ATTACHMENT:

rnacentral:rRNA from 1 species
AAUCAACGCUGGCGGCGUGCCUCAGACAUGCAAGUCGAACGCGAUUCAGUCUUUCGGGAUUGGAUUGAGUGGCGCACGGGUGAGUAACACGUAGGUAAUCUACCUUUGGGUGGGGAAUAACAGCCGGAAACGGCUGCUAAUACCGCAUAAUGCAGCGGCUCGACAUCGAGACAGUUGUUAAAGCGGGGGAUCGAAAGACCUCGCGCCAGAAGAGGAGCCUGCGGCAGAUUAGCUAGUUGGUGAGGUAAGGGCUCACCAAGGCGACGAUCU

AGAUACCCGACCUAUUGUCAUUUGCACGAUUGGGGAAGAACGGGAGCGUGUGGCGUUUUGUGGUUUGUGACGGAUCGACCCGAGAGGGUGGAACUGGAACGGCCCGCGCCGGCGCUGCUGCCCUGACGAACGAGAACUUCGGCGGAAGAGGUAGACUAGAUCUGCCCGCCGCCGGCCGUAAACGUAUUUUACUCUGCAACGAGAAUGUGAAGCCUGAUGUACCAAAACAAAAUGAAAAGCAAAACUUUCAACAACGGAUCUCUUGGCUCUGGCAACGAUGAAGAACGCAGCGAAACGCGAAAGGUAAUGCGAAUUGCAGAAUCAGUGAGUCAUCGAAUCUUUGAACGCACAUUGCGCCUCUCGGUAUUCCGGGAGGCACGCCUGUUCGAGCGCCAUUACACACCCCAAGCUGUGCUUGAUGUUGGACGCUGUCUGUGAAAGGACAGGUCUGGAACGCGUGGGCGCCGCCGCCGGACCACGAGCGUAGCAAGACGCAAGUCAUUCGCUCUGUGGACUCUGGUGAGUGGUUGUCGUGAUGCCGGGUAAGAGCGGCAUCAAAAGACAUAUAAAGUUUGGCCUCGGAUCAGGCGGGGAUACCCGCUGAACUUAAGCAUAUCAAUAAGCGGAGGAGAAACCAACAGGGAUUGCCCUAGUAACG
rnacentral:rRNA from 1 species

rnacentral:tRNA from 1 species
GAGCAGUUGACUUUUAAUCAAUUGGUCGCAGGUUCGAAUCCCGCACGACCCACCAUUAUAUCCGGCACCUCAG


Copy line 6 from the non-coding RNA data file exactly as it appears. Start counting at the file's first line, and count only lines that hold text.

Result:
GAGCAGUUGACUUUUAAUCAAUUGGUCGCAGGUUCGAAUCCCGCACGACCCACCAUUAUAUCCGGCACCUCAG